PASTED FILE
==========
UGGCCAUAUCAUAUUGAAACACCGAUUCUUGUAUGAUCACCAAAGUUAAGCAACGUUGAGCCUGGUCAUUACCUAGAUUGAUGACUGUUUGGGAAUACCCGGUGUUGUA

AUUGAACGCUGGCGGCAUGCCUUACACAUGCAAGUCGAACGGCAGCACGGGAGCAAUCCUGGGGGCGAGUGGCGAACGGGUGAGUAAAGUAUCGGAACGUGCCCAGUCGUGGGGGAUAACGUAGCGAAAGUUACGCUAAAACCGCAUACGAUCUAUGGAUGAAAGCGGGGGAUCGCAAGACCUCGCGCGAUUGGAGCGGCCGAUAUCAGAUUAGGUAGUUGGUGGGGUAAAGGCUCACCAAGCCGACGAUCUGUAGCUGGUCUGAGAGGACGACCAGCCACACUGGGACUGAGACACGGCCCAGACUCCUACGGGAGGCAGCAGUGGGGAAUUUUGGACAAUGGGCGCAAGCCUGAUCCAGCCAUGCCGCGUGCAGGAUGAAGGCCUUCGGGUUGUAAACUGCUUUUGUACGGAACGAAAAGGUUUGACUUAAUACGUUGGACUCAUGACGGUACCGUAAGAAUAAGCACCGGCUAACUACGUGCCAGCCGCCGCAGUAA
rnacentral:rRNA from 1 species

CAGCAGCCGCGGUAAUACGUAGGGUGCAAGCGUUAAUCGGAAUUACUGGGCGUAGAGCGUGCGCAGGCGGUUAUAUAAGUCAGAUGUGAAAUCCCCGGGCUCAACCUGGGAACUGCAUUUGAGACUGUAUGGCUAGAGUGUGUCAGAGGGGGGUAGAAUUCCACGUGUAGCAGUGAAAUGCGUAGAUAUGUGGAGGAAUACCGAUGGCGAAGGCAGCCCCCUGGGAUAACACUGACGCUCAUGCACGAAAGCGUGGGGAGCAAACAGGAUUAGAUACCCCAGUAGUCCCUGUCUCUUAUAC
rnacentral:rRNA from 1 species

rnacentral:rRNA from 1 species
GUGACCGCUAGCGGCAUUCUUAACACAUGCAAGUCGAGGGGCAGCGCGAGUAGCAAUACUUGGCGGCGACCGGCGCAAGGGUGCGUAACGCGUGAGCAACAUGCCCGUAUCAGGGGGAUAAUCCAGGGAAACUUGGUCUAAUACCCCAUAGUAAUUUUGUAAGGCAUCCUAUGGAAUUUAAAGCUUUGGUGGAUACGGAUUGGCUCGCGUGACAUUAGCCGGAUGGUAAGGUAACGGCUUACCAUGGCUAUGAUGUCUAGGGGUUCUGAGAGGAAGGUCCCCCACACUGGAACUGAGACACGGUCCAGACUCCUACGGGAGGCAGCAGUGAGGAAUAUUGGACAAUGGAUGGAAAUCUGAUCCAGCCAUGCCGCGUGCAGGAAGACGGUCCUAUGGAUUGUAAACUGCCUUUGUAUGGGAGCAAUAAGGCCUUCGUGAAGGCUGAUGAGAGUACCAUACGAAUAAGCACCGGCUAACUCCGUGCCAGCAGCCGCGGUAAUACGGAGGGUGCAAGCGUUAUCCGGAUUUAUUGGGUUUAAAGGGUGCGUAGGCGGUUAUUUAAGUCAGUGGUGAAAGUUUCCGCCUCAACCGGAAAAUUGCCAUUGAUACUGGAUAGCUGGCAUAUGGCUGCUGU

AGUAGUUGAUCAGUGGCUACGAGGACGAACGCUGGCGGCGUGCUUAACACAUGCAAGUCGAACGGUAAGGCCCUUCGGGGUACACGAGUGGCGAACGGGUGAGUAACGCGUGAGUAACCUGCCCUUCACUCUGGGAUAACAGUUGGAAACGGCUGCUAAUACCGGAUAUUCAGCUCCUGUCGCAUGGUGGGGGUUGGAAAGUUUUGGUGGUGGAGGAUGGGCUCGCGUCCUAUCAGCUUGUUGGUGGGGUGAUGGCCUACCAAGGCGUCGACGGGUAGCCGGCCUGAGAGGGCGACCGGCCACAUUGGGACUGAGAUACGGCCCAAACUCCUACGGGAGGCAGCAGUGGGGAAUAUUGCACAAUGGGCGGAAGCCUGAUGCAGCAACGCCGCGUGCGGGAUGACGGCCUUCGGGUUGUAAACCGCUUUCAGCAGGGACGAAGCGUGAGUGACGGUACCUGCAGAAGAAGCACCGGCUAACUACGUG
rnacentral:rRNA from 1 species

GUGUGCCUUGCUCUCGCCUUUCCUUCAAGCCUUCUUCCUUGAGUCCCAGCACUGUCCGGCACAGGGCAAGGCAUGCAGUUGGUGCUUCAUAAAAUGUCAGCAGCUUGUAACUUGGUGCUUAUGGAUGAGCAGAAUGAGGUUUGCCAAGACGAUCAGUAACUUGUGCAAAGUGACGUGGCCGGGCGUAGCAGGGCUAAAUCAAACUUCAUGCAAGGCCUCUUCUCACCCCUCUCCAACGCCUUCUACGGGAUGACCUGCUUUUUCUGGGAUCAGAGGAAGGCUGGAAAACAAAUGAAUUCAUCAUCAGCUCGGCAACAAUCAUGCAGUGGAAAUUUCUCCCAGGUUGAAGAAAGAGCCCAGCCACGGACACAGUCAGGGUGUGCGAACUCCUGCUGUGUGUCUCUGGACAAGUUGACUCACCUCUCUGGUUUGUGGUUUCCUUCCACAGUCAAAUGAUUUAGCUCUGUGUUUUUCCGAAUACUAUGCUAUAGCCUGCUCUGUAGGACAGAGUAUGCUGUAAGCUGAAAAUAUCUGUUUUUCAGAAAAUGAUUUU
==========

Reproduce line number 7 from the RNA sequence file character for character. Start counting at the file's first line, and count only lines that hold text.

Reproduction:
GUGACCGCUAGCGGCAUUCUUAACACAUGCAAGUCGAGGGGCAGCGCGAGUAGCAAUACUUGGCGGCGACCGGCGCAAGGGUGCGUAACGCGUGAGCAACAUGCCCGUAUCAGGGGGAUAAUCCAGGGAAACUUGGUCUAAUACCCCAUAGUAAUUUUGUAAGGCAUCCUAUGGAAUUUAAAGCUUUGGUGGAUACGGAUUGGCUCGCGUGACAUUAGCCGGAUGGUAAGGUAACGGCUUACCAUGGCUAUGAUGUCUAGGGGUUCUGAGAGGAAGGUCCCCCACACUGGAACUGAGACACGGUCCAGACUCCUACGGGAGGCAGCAGUGAGGAAUAUUGGACAAUGGAUGGAAAUCUGAUCCAGCCAUGCCGCGUGCAGGAAGACGGUCCUAUGGAUUGUAAACUGCCUUUGUAUGGGAGCAAUAAGGCCUUCGUGAAGGCUGAUGAGAGUACCAUACGAAUAAGCACCGGCUAACUCCGUGCCAGCAGCCGCGGUAAUACGGAGGGUGCAAGCGUUAUCCGGAUUUAUUGGGUUUAAAGGGUGCGUAGGCGGUUAUUUAAGUCAGUGGUGAAAGUUUCCGCCUCAACCGGAAAAUUGCCAUUGAUACUGGAUAGCUGGCAUAUGGCUGCUGU